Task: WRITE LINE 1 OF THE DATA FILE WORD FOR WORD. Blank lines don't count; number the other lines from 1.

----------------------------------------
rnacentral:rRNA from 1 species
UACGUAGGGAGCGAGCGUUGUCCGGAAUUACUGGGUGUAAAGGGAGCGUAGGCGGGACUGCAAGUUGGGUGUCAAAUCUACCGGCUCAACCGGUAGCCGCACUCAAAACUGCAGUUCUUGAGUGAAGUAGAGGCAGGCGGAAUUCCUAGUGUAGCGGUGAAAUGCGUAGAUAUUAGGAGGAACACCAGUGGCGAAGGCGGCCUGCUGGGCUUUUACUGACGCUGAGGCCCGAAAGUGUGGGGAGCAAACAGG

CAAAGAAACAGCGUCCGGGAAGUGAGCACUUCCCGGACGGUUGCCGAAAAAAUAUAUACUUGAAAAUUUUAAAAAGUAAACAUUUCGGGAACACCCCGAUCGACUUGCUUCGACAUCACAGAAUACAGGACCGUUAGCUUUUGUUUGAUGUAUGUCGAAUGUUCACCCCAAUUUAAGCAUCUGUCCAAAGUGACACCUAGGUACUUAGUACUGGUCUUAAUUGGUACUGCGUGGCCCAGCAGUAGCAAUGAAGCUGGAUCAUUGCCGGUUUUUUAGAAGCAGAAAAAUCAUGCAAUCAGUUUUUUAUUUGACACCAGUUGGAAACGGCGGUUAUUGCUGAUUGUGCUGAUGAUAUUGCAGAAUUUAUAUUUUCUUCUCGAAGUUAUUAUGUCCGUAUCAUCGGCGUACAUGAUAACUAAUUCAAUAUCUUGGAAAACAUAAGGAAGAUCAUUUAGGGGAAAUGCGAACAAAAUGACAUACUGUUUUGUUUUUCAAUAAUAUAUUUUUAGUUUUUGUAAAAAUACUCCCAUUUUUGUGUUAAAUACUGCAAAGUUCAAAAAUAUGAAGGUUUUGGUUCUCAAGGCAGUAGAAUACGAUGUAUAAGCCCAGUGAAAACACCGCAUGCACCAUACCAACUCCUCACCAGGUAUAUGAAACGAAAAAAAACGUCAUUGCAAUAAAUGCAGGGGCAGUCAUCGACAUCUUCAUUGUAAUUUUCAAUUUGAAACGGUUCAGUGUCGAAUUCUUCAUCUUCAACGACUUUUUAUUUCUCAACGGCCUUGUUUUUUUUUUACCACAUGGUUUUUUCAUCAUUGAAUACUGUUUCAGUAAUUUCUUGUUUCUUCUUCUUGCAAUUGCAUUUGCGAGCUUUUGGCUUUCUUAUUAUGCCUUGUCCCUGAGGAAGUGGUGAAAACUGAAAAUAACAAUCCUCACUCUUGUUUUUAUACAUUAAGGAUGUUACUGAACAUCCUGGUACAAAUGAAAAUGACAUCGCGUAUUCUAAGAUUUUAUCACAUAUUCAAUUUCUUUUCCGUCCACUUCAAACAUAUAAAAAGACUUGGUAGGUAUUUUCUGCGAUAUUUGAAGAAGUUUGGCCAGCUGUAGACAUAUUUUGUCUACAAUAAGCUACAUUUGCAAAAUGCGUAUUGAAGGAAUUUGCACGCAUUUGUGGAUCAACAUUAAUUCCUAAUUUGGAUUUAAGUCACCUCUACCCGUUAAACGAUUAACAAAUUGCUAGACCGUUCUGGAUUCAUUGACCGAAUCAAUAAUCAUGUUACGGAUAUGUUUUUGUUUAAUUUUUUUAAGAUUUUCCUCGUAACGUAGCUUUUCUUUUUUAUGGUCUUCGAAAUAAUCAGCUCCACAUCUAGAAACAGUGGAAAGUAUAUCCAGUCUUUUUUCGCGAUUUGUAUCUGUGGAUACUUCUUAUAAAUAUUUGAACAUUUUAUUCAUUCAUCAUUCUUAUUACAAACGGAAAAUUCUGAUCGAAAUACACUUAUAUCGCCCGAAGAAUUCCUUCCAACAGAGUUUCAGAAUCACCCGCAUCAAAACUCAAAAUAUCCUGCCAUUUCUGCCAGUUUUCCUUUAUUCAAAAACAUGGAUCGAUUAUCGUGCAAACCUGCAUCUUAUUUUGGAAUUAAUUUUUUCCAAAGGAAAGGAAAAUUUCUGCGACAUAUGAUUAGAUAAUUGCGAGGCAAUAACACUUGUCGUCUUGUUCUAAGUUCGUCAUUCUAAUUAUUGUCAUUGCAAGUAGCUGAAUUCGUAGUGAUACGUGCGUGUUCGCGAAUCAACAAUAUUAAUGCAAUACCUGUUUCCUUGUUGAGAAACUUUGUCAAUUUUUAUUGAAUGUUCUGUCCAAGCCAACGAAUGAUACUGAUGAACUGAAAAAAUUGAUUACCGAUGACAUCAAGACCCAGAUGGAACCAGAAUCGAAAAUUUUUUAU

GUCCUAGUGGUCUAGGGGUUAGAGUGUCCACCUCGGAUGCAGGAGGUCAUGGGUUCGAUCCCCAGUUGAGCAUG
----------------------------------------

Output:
rnacentral:rRNA from 1 species